By Evan Vitale
For some, it’s a daily struggle to survive, while others are able to make it week-to-week. It’s tough out there on a lot of individuals and we should count our blessings daily for what we have.
A personal crisis – such as a health problem; a tooth ache; a flat tire or even replacing the battery in your car – can be extremely tough on finances for many people. Unfortunately, those who are “surviving” never get to live the dream of owning a new car or taking a beach vacation.
This is why having the ability and the means to save a little bit of money will go a long way in overcoming unexpected financial woes.
You can do it, even if you’re living from check-to-check. Here’s how you can put a little more money in your savings account and start a “rainy day” fund or save for a well-deserved family vacation:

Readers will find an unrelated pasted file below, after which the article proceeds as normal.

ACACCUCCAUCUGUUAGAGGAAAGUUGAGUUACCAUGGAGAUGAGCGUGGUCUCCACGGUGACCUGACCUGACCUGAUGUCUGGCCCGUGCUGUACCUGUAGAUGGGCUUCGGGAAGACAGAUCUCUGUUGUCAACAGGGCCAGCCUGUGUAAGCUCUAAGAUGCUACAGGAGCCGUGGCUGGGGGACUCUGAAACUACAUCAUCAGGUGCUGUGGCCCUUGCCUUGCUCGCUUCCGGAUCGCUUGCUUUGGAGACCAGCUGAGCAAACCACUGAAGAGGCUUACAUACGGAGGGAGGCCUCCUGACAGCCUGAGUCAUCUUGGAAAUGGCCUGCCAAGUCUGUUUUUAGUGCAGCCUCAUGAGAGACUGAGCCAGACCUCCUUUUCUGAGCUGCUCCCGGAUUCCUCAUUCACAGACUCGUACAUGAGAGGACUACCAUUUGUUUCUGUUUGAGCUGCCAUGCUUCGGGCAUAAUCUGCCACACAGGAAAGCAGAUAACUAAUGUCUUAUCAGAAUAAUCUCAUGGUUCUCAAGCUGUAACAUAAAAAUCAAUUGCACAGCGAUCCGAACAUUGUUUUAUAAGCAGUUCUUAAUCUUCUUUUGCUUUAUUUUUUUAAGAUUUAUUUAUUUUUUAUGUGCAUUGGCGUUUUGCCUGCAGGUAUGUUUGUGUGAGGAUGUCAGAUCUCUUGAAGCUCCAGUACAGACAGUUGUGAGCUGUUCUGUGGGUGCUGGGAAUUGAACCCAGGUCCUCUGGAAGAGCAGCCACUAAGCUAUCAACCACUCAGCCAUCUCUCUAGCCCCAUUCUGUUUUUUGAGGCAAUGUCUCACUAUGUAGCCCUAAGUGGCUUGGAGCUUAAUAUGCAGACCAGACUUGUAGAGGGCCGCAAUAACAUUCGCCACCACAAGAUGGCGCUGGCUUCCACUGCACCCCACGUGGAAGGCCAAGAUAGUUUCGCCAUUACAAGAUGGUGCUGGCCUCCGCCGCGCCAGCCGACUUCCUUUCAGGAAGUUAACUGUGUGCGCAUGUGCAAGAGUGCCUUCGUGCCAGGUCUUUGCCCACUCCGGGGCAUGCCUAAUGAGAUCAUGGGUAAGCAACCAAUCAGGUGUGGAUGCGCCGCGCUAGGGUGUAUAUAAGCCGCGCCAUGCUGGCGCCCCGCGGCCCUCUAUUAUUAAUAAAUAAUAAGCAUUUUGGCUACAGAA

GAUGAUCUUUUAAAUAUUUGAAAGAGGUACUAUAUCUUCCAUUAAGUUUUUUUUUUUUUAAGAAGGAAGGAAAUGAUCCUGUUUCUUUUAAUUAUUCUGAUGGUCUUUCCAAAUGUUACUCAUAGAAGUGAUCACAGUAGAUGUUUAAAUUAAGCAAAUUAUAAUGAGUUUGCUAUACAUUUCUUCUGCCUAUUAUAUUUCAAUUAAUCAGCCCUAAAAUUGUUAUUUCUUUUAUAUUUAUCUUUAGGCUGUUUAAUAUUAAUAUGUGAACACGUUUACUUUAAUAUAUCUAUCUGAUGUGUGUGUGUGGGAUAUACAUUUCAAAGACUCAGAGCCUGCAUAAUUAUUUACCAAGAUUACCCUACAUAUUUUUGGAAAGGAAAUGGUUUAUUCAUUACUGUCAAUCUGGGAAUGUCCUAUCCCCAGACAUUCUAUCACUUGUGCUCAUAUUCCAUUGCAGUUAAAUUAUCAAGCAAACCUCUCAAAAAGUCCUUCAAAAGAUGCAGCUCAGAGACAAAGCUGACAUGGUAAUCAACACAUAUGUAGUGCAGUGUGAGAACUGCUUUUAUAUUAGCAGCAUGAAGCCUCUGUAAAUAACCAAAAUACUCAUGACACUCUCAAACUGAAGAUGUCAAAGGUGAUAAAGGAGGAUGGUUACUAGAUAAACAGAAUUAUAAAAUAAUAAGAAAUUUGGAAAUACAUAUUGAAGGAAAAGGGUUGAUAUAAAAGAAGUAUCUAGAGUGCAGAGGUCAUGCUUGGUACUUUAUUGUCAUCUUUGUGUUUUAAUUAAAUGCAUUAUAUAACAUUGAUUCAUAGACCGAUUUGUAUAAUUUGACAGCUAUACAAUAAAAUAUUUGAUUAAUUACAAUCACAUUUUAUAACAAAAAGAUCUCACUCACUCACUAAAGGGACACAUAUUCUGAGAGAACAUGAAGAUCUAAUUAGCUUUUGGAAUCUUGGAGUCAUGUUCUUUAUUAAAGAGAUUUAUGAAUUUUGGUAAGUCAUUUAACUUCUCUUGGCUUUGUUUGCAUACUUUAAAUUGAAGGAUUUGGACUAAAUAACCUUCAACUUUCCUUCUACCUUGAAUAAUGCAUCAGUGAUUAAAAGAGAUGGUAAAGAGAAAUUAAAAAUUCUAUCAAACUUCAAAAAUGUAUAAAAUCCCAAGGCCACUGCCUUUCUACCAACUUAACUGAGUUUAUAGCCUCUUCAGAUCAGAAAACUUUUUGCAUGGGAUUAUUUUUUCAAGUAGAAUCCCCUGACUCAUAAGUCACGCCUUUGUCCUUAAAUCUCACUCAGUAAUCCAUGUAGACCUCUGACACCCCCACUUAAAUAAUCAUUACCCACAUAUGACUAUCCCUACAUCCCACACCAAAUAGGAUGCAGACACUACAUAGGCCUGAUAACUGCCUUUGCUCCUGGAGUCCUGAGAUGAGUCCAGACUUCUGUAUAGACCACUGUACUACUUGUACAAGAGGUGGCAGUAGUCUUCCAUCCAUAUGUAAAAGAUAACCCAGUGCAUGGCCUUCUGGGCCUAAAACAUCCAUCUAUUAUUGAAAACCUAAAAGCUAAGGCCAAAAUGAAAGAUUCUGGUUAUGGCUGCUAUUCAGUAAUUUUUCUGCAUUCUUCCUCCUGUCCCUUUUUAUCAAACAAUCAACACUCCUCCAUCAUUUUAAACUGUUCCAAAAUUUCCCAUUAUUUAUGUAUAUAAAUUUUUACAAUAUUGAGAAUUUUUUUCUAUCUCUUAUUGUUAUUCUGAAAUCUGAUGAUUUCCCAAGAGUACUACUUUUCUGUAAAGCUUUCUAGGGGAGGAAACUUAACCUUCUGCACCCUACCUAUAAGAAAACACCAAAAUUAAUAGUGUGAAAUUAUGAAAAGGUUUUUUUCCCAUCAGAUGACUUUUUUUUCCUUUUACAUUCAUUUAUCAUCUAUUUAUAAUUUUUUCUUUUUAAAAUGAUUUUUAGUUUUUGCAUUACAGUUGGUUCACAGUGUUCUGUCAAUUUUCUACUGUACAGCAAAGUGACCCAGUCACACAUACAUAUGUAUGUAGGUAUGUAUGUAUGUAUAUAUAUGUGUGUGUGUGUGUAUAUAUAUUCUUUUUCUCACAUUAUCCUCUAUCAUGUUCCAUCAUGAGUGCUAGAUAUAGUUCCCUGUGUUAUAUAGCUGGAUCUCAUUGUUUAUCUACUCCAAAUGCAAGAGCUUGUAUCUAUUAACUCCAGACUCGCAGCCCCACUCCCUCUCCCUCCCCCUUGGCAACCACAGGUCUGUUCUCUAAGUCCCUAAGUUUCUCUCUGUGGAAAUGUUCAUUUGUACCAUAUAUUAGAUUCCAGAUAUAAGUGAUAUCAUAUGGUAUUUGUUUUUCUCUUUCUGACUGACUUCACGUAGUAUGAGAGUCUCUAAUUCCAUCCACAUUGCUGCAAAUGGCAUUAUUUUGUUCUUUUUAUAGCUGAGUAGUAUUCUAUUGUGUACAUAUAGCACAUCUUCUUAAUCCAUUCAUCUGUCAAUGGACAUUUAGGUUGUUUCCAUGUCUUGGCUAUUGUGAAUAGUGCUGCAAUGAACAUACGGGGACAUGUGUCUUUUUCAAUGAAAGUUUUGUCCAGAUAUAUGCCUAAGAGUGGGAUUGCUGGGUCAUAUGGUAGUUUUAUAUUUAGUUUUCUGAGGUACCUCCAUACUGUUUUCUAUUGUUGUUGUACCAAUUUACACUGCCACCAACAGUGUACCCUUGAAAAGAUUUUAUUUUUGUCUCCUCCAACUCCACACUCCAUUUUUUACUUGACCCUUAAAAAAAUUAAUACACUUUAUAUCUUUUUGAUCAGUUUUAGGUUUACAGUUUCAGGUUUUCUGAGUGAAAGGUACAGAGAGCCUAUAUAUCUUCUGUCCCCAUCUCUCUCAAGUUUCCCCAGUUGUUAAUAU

- Stop making purchases at convenient stores. Yes, they are convenient, but the mark-up on all products is cutting into your cash. Don’t start and end your day with a stop at the quickie mart for a soda, coffee or frozen slushy drink.
- Break bad habits that are costing you a ton of money, especially if you are smoking cigarettes. Depending on where you live, etc., a pack of cigarettes costs between $4 and $8 per pack! A neighbor of a friend of mine smokes two packs a day at $5 per pack. That’s $10 per day x 30 days = $300 a month going up in smoke (not to mention potential long-term health problems).
- Take your lunch to work. Eating lunch at fast food restaurants costs around $10 per day.
- Cut back on cable television. Call your local cable TV provider and see if you can get a lower rate or, if necessary, cut your current cable TV package by one level and save $10 to $20 per month. Some have even cut the cord entirely and save over $100 per month. Instead, they rely on their local internet service to stream television programs, watch Netflix, etc.
Living from check-to-check is difficult and stressful. However, by following some of these little tips, you can start saving some money and ease a little financial stress.